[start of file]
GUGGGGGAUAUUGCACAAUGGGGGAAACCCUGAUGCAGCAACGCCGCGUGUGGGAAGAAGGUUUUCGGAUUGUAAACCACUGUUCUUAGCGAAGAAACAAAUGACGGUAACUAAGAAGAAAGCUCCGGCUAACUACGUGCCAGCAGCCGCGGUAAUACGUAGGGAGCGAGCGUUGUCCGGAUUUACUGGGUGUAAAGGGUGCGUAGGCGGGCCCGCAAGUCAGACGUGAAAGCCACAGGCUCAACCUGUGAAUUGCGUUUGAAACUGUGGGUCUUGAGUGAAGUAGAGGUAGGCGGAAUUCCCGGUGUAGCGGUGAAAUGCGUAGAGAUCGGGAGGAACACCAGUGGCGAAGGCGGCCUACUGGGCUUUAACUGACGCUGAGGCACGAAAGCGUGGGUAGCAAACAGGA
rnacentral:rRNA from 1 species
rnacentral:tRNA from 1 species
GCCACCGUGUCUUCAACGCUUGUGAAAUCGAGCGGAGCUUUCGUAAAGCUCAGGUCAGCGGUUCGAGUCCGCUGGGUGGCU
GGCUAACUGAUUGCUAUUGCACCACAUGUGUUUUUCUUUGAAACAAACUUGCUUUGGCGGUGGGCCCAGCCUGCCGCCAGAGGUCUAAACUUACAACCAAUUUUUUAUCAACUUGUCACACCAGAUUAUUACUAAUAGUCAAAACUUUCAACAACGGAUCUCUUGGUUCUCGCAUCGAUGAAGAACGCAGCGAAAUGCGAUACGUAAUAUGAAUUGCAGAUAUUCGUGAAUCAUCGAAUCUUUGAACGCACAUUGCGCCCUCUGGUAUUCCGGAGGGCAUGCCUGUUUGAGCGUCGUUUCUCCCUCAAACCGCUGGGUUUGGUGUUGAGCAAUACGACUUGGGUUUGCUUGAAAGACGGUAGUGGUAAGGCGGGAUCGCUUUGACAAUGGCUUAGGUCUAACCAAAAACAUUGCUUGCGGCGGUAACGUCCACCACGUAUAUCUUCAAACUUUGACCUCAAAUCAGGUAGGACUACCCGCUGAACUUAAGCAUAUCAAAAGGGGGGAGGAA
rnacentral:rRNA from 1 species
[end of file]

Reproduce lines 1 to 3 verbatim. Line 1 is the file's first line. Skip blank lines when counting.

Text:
GUGGGGGAUAUUGCACAAUGGGGGAAACCCUGAUGCAGCAACGCCGCGUGUGGGAAGAAGGUUUUCGGAUUGUAAACCACUGUUCUUAGCGAAGAAACAAAUGACGGUAACUAAGAAGAAAGCUCCGGCUAACUACGUGCCAGCAGCCGCGGUAAUACGUAGGGAGCGAGCGUUGUCCGGAUUUACUGGGUGUAAAGGGUGCGUAGGCGGGCCCGCAAGUCAGACGUGAAAGCCACAGGCUCAACCUGUGAAUUGCGUUUGAAACUGUGGGUCUUGAGUGAAGUAGAGGUAGGCGGAAUUCCCGGUGUAGCGGUGAAAUGCGUAGAGAUCGGGAGGAACACCAGUGGCGAAGGCGGCCUACUGGGCUUUAACUGACGCUGAGGCACGAAAGCGUGGGUAGCAAACAGGA
rnacentral:rRNA from 1 species
rnacentral:tRNA from 1 species